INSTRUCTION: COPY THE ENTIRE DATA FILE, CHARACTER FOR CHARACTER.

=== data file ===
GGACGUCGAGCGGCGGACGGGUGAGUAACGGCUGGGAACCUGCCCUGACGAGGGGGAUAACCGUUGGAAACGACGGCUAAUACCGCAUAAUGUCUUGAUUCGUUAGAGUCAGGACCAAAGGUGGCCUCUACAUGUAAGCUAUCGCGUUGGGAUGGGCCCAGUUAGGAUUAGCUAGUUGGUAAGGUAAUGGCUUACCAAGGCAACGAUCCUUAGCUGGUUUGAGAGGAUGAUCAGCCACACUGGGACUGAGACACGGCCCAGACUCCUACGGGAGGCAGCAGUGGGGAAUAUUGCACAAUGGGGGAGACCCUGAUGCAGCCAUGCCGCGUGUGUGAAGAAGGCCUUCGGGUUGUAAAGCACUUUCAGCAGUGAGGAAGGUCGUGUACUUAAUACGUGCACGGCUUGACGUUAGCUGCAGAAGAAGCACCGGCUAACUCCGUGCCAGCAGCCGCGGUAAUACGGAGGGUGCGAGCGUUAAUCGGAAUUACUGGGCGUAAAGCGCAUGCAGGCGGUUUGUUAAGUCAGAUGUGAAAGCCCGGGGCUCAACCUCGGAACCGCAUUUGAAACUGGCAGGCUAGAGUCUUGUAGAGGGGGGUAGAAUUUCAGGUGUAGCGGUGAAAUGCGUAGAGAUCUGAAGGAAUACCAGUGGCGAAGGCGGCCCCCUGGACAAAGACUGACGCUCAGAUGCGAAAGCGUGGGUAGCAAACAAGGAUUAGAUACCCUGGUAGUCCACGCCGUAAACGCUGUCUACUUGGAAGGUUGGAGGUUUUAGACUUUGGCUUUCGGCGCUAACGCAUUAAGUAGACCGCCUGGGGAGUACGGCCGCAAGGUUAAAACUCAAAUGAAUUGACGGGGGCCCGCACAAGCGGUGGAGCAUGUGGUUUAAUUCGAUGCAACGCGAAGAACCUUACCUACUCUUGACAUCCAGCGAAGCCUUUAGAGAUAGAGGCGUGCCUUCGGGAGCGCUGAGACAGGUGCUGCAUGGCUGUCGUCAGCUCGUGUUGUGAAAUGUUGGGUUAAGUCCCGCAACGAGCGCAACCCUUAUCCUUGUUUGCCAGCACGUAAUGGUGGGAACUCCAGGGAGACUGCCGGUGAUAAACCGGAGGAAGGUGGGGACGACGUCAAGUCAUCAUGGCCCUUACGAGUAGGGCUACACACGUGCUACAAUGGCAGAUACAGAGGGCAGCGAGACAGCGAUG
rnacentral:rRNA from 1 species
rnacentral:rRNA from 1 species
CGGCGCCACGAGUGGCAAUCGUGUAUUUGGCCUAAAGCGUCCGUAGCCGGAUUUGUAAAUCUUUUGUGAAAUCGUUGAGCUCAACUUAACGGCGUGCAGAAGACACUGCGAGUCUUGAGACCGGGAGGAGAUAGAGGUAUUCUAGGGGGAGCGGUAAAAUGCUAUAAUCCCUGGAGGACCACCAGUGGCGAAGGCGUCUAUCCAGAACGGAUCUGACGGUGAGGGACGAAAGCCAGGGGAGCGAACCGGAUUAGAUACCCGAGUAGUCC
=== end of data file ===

GGACGUCGAGCGGCGGACGGGUGAGUAACGGCUGGGAACCUGCCCUGACGAGGGGGAUAACCGUUGGAAACGACGGCUAAUACCGCAUAAUGUCUUGAUUCGUUAGAGUCAGGACCAAAGGUGGCCUCUACAUGUAAGCUAUCGCGUUGGGAUGGGCCCAGUUAGGAUUAGCUAGUUGGUAAGGUAAUGGCUUACCAAGGCAACGAUCCUUAGCUGGUUUGAGAGGAUGAUCAGCCACACUGGGACUGAGACACGGCCCAGACUCCUACGGGAGGCAGCAGUGGGGAAUAUUGCACAAUGGGGGAGACCCUGAUGCAGCCAUGCCGCGUGUGUGAAGAAGGCCUUCGGGUUGUAAAGCACUUUCAGCAGUGAGGAAGGUCGUGUACUUAAUACGUGCACGGCUUGACGUUAGCUGCAGAAGAAGCACCGGCUAACUCCGUGCCAGCAGCCGCGGUAAUACGGAGGGUGCGAGCGUUAAUCGGAAUUACUGGGCGUAAAGCGCAUGCAGGCGGUUUGUUAAGUCAGAUGUGAAAGCCCGGGGCUCAACCUCGGAACCGCAUUUGAAACUGGCAGGCUAGAGUCUUGUAGAGGGGGGUAGAAUUUCAGGUGUAGCGGUGAAAUGCGUAGAGAUCUGAAGGAAUACCAGUGGCGAAGGCGGCCCCCUGGACAAAGACUGACGCUCAGAUGCGAAAGCGUGGGUAGCAAACAAGGAUUAGAUACCCUGGUAGUCCACGCCGUAAACGCUGUCUACUUGGAAGGUUGGAGGUUUUAGACUUUGGCUUUCGGCGCUAACGCAUUAAGUAGACCGCCUGGGGAGUACGGCCGCAAGGUUAAAACUCAAAUGAAUUGACGGGGGCCCGCACAAGCGGUGGAGCAUGUGGUUUAAUUCGAUGCAACGCGAAGAACCUUACCUACUCUUGACAUCCAGCGAAGCCUUUAGAGAUAGAGGCGUGCCUUCGGGAGCGCUGAGACAGGUGCUGCAUGGCUGUCGUCAGCUCGUGUUGUGAAAUGUUGGGUUAAGUCCCGCAACGAGCGCAACCCUUAUCCUUGUUUGCCAGCACGUAAUGGUGGGAACUCCAGGGAGACUGCCGGUGAUAAACCGGAGGAAGGUGGGGACGACGUCAAGUCAUCAUGGCCCUUACGAGUAGGGCUACACACGUGCUACAAUGGCAGAUACAGAGGGCAGCGAGACAGCGAUG
rnacentral:rRNA from 1 species
rnacentral:rRNA from 1 species
CGGCGCCACGAGUGGCAAUCGUGUAUUUGGCCUAAAGCGUCCGUAGCCGGAUUUGUAAAUCUUUUGUGAAAUCGUUGAGCUCAACUUAACGGCGUGCAGAAGACACUGCGAGUCUUGAGACCGGGAGGAGAUAGAGGUAUUCUAGGGGGAGCGGUAAAAUGCUAUAAUCCCUGGAGGACCACCAGUGGCGAAGGCGUCUAUCCAGAACGGAUCUGACGGUGAGGGACGAAAGCCAGGGGAGCGAACCGGAUUAGAUACCCGAGUAGUCC